Hot Plastic Love:
The Killer Toy Phenomenon
One of the best devices for creating horror in story-telling, if we are to believe Sigmund Freud’s colleague E. Jentsch, “is to leave the reader wondering whether a particular figure is a real person or an automaton, and to do so in such a way that his attention is not focused directly on the uncertainty” (135). Does this begin to explain why killer toy movies such as Child’s Play are so popular? What exactly is it about a childhood doll with a knife that frightens us so? Is it merely, as Jentsch states, the wonder of the animation that possession provides to an inanimate object?
Freud suggests that “We recall that children, in their early games, make no sharp distinction between the animate and the inanimate, and that they are especially fond of treating their dolls as if they were alive… [however] children are not afraid of their dolls coming to life — they may even want them to. Here, then, the sense of the uncanny would derive not from an infantile fear, but from an infantile wish, or simply an infantile belief” (141).
What Freud means is that our sense of horror at seeing a killer toy movie is generated by our childhood wishes to see our toys come to life. I would go even further and say that our sense of, as Freud calls it, the uncanny is created by our sense of unreality at seeing our childhood wishes come to life. Just as we know as adults that our childhood monsters are not waiting under our bed or in our closet, we know that our toys can’t come to life, but that childhood belief stays with us even as we grow older, which is what killer toy movies exploit. Also, as toys play such an important part of childhood life in a capitalistic society, it’s easy to see why killer toy films remain effective, even to adults.
The killer toy genre was arguably popularized by Child’s Play, which featured a three-foot doll inhabited by the soul of a serial killer. The film did well at the box office, and spawned four sequels. Although later films were played for camp effect, the original is undeniably creepy, and offers perhaps the purest example of the killer toy genre.
As a result of the popularity of the Child’s Play films, and particularly of the popularity of the films killer, Chucky, a new twist in the genre developed. Films such as Puppet Master and Demonic Toys capitalized on the fondness moviegoers have for killer toys themselves by making horrific monsters who weren’t necessarily evil. The Puppet Master films in particular feel a host of killer toys fighting Nazis, taking the genre almost into action film territory. The allure of these films is that we can root for the killer toys, rather than feeling disgusted by their murders.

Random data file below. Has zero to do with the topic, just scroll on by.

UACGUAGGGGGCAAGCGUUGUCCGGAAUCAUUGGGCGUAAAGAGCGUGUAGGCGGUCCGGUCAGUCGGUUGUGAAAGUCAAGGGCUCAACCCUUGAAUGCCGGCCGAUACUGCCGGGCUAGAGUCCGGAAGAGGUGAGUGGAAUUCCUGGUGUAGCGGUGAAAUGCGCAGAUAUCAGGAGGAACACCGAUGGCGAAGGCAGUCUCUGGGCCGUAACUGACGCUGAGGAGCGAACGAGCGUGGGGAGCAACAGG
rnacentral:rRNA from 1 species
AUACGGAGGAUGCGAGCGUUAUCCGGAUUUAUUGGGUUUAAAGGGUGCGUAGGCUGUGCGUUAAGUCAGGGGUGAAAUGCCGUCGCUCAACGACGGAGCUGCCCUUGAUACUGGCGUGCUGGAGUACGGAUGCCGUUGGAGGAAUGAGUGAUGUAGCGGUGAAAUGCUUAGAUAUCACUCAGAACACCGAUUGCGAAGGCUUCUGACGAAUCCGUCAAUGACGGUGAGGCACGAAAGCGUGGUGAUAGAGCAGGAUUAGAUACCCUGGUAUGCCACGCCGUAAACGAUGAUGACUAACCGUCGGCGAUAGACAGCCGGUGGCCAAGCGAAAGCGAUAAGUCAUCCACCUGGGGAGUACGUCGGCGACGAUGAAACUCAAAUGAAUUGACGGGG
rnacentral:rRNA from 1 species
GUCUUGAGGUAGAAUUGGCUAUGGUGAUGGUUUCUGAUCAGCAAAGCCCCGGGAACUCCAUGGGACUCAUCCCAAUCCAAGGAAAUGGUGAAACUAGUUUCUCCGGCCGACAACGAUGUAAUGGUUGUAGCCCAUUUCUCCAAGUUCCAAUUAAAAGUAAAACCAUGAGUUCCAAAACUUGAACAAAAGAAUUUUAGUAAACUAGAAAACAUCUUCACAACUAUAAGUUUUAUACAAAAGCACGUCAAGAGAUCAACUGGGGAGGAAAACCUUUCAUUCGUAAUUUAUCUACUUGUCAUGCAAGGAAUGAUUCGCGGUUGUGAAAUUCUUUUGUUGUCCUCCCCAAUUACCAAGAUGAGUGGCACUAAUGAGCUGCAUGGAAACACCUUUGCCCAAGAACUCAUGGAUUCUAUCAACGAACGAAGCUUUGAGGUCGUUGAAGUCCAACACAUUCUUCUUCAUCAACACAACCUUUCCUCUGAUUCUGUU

Another twist of the genre is to play upon the sexuality inherent in toys and our relationship to them. Toys are, after all, objects that many of us grew up with and have been used by cultures throughout the world to gender roles, so this development makes sense. Films such as Marrionnier explore the psychosexual boundaries of traditional dolls, and their eerily human likeness. Other films, such as Tourist Trap, explore the combination of revulsion and attraction we have to dolls that seem almost too human, such as wax figures.
Other films, such as Jack Frost and Gingerdead Man play the killer doll genre for pure camp effect, taking beloved childhood objects such as a snow man and gingerbread man and turning them into evil serial killers.
What ties the genre together is the focus on animating a normally inanimate object with lifelike features. Perhaps, on some deeper psychological level, we already assume that they will, due to a combination of our childhood wishes and fears. The “wax people” subgenre of films like Marrionnier and Tourist Trap seem to suggest an alternative, that through a sort of visual misinterpretation we automatically assume that what looks real, is real. Maybe we merely carry this misinterpretation into our adult life without noticing it. This would seem to agree with Freud’s assertion that, “with dolls, we are never far from childhood.”
Freud, Sigmund. The Uncanny. NY: Penguin, 2003.